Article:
Hi,

Im having a bit of trouble with a problem:

Basically, I have an array with a set size,for example

my_array[40]

I am trying to figure out how to tell if it has less than 20 characters filled,and if it has more than 20 characters filled.

I have tried the string length function and it does not work im wondering if someone can point me in the right direction?

Many thanks.

Hi,

Im having a bit of trouble with a problem:

Basically, I have an array with a set size,for example

my_array[40]

I am trying to figure out how to tell if it has less than 20 characters filled,and if it has more than 20 characters filled.

I have tried the string length function and it does not work im wondering if someone can point me in the right direction?

Many thanks.

The strlen function will only work if your character array is a C string...i.e it ends with '\0'

>I have tried the string length function and it does not work im wondering if someone can point me in the right direction?
As StaticX has told you, you can use the strlen function only if the array is a character array, like this:

char mystring[15] = "hello";
printf("%lu\n", (unsigned long)strlen(mystring)); // will display 5

If you want to do it on any arbitrary array you'll first need to decide for yourself what you do mean with a filled subscript.
This is because when you for example declare an array like this:

int my_array[15];

space will be reserved in memory for 15 elements of type int.
That is: you'll always have 15 elements in the array, whether you assign something to them or not.
When you don't explicitly assign a value to a certain array subscript, the value of that particular element is technically undefined.

So to conclude: in standard C there's no straightforward way to find out how many subscripts you assigned a value to.
If you were using C++ I would have suggested you to use a vector, and use it's size() method, but unfortunately vectors aren't a part of C, so you can't use them.

Edited 7 Years Ago by mvmalderen: n/a

So to conclude: in standard C there's no straightforward way to find out how many subscripts you assigned a value to.

A second variable with the number of used items is straightforward. This approach is no different from a vector in C++, except for a little extra work in maintaining the count. As long as the array is filled in a non-random manner, the count variable is easy to use:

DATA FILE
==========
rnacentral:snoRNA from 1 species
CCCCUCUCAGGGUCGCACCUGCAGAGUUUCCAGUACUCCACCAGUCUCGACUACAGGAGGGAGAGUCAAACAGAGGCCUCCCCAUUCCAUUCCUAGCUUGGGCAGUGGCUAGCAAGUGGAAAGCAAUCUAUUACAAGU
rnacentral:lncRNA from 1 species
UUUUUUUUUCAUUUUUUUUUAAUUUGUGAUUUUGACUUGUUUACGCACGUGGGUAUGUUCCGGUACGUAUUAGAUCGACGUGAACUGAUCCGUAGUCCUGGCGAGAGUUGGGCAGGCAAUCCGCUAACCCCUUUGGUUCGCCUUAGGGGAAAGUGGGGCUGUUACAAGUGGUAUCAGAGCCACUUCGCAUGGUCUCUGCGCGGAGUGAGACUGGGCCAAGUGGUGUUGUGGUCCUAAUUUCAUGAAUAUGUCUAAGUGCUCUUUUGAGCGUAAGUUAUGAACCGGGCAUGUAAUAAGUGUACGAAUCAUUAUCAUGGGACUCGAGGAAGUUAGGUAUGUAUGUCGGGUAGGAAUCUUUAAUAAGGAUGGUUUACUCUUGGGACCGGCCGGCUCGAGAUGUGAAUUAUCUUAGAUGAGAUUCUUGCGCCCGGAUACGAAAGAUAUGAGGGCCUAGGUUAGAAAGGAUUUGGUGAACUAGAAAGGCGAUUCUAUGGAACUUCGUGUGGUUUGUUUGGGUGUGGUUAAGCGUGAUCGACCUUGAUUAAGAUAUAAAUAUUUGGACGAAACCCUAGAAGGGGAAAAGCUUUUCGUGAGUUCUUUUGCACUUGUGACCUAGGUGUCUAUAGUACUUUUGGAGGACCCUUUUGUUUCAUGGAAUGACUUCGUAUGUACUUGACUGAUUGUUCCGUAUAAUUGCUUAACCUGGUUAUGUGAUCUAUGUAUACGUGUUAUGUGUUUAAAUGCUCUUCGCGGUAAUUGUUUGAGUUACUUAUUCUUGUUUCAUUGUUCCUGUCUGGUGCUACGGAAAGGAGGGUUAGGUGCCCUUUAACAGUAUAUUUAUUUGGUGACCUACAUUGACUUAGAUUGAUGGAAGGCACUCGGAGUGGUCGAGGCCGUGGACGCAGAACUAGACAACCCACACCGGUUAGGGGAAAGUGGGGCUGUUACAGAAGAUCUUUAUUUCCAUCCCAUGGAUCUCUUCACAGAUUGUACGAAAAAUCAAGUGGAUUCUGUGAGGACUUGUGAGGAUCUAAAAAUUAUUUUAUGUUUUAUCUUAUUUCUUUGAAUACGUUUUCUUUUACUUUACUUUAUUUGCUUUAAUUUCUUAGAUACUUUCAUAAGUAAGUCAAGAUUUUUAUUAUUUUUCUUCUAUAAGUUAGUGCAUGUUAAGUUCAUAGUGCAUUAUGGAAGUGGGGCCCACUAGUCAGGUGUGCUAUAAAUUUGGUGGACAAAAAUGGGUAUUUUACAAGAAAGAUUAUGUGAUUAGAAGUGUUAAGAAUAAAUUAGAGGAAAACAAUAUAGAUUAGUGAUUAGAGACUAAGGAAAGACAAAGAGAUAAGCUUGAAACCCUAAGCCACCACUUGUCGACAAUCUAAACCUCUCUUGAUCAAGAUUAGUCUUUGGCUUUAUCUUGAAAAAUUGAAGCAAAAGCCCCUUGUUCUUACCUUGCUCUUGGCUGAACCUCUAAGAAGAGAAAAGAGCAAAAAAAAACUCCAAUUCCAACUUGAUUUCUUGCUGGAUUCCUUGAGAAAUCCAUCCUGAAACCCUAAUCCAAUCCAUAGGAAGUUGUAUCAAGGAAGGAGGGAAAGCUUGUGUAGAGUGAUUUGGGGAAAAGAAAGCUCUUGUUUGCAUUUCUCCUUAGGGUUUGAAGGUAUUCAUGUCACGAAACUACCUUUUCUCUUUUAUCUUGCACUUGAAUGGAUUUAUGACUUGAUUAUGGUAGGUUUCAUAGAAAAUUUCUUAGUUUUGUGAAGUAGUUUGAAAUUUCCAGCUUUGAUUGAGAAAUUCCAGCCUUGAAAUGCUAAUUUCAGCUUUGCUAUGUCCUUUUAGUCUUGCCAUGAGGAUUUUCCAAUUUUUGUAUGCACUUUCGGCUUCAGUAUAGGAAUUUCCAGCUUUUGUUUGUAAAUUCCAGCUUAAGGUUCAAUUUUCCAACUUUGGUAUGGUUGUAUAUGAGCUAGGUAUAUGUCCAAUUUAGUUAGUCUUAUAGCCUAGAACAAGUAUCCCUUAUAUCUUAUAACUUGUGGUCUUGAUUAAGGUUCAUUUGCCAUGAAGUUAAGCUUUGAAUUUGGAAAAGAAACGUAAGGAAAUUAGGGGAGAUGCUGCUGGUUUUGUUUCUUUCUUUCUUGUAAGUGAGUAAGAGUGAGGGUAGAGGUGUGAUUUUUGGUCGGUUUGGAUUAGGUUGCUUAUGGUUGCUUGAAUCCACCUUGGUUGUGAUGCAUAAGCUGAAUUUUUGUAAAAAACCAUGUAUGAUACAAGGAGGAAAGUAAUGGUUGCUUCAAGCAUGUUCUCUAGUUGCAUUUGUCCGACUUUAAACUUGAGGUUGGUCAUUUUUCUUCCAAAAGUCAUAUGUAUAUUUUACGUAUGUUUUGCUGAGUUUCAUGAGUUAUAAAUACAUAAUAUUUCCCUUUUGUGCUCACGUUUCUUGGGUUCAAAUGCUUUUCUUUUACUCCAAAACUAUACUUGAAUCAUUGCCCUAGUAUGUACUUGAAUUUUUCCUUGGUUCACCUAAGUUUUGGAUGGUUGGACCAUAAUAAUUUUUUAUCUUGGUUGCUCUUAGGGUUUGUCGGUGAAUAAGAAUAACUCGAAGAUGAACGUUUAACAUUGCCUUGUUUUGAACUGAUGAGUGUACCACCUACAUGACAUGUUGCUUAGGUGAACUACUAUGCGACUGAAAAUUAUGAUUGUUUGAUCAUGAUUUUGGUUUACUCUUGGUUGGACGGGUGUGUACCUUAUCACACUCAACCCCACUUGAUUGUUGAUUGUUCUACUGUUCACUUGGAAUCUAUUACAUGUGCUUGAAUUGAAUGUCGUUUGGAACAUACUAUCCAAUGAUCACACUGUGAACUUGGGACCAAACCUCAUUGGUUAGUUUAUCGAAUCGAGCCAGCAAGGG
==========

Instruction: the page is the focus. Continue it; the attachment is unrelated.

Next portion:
#include <stdio.h>

int main()
{
    int a[10];
    int n = 0;
    int x;

    fputs("Enter a list of integers: ", stdout);
    fflush(stdout);

    while (n < 10 && scanf("%d", &a[n]) == 1) ++n;

    printf("There are %d integers in the list:\n", n);

    for (x = 0; x < n; ++x) printf("%d\n", a[x]);

    return 0;
}

If the array is filled at random indexes the count variable will still work, but to avoid accessing uninitialized indexes there needs to be an empty value to mark the element as empty. With that in place an algorithm similar to strlen() can also count the non-empty elements:

#include <stdio.h>
#include <ctype.h>

#define SZ 'Z'-'A'+1

int arraylen(int a[], size_t sz)
{
    int n = 0;
    int x;

    for (x = 0; x < sz; ++x)
    {
        if (a[x]) ++n;
    }

    return n;
}

int main()
{
    int a[SZ] = {0};
    int c;
    int x;

    fputs("Enter a string: ", stdout);
    fflush(stdout);

    while ((c = getchar()) != EOF)
    {
        c = toupper(c);

        if (isalpha(c)) ++a[c-'A'];
    }

    printf("There are %d unique letters\n", arraylen(a, SZ));

    for (x = 0; x < SZ; ++x)
    {
        if (a[x]) printf("%c: %d\n", x+'A', a[x]);
    }

    return 0;
}
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